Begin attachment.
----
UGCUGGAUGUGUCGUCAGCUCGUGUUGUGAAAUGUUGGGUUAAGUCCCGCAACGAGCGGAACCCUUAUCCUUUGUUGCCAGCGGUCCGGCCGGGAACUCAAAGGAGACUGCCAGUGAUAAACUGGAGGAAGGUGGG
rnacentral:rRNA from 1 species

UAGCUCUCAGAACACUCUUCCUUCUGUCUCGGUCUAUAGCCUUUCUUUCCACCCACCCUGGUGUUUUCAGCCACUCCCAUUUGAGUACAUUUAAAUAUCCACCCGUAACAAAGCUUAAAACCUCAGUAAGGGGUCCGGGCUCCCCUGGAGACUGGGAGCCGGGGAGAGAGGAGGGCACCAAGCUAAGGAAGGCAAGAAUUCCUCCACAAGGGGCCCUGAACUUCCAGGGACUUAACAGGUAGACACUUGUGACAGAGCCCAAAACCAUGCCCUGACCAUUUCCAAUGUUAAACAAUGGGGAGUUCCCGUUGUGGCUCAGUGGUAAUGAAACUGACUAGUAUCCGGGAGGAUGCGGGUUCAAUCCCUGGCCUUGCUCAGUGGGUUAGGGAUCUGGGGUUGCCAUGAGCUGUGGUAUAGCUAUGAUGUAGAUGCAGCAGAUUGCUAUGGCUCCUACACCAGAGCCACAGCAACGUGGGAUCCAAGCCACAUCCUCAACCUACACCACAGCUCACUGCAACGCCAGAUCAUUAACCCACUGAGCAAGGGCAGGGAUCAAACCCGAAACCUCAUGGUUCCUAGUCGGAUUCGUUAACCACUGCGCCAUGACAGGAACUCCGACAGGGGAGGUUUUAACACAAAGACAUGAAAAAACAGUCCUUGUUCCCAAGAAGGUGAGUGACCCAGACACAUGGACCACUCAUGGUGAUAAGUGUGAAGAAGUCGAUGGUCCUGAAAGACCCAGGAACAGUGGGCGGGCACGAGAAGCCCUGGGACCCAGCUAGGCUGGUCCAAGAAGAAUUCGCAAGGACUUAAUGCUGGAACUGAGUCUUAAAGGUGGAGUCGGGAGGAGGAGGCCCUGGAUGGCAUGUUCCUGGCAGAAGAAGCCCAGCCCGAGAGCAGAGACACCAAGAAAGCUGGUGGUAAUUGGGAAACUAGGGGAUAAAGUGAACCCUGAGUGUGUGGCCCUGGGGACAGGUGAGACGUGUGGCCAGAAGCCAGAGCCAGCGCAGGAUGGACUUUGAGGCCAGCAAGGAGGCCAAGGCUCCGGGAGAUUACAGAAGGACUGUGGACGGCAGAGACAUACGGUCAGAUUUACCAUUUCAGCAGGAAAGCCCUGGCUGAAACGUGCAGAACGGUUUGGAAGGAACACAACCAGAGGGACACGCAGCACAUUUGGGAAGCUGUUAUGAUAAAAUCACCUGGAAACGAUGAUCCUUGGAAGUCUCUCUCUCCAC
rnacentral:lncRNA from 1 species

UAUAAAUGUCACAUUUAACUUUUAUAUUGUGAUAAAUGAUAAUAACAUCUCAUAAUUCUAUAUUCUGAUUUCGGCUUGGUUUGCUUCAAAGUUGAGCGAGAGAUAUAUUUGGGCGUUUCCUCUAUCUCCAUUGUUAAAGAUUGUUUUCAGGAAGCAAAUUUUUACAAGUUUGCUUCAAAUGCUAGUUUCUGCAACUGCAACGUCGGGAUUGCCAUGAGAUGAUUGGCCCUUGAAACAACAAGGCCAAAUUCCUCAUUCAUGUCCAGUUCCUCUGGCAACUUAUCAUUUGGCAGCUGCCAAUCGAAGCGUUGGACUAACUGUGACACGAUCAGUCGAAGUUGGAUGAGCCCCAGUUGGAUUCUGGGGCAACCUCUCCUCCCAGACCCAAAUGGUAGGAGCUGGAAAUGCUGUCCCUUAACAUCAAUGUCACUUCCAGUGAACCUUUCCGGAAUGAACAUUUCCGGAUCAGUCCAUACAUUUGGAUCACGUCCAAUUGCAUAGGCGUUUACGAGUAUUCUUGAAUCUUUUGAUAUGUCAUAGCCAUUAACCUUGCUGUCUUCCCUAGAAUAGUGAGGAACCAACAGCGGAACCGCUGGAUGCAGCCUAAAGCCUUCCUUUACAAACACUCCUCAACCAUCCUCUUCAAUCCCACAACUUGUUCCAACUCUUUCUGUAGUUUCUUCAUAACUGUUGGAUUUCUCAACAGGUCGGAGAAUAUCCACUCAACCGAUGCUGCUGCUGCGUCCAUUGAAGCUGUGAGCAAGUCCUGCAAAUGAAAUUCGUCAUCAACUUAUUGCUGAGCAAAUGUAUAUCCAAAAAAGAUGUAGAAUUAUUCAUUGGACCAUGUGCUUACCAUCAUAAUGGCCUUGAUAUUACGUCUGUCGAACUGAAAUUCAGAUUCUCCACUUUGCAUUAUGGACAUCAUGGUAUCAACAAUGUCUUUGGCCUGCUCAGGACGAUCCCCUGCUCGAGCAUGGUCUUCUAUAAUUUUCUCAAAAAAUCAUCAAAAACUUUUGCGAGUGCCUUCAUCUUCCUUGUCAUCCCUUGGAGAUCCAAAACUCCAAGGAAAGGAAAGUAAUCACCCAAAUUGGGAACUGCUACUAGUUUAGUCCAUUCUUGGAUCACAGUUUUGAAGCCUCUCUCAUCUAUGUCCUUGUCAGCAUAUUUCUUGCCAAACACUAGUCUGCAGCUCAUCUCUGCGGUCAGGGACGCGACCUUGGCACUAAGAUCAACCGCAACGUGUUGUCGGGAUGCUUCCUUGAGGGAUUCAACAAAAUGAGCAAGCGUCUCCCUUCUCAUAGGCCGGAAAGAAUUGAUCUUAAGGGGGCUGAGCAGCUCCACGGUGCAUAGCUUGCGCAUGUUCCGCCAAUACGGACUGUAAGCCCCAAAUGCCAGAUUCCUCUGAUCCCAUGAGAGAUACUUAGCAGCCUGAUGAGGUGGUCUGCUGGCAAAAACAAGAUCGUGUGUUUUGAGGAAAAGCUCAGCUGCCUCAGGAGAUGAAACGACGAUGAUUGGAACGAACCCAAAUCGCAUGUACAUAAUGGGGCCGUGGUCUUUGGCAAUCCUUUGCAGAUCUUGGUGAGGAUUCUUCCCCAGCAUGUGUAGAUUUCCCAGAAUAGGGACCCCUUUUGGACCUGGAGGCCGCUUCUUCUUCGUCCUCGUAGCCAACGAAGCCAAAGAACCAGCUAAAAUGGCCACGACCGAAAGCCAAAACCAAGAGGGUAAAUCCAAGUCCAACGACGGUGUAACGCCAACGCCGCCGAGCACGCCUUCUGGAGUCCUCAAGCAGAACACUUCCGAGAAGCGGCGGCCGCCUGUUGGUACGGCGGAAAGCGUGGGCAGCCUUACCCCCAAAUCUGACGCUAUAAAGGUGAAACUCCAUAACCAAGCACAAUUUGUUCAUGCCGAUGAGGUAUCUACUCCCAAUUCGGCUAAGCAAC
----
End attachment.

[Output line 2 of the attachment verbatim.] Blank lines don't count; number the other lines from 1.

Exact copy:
rnacentral:rRNA from 1 species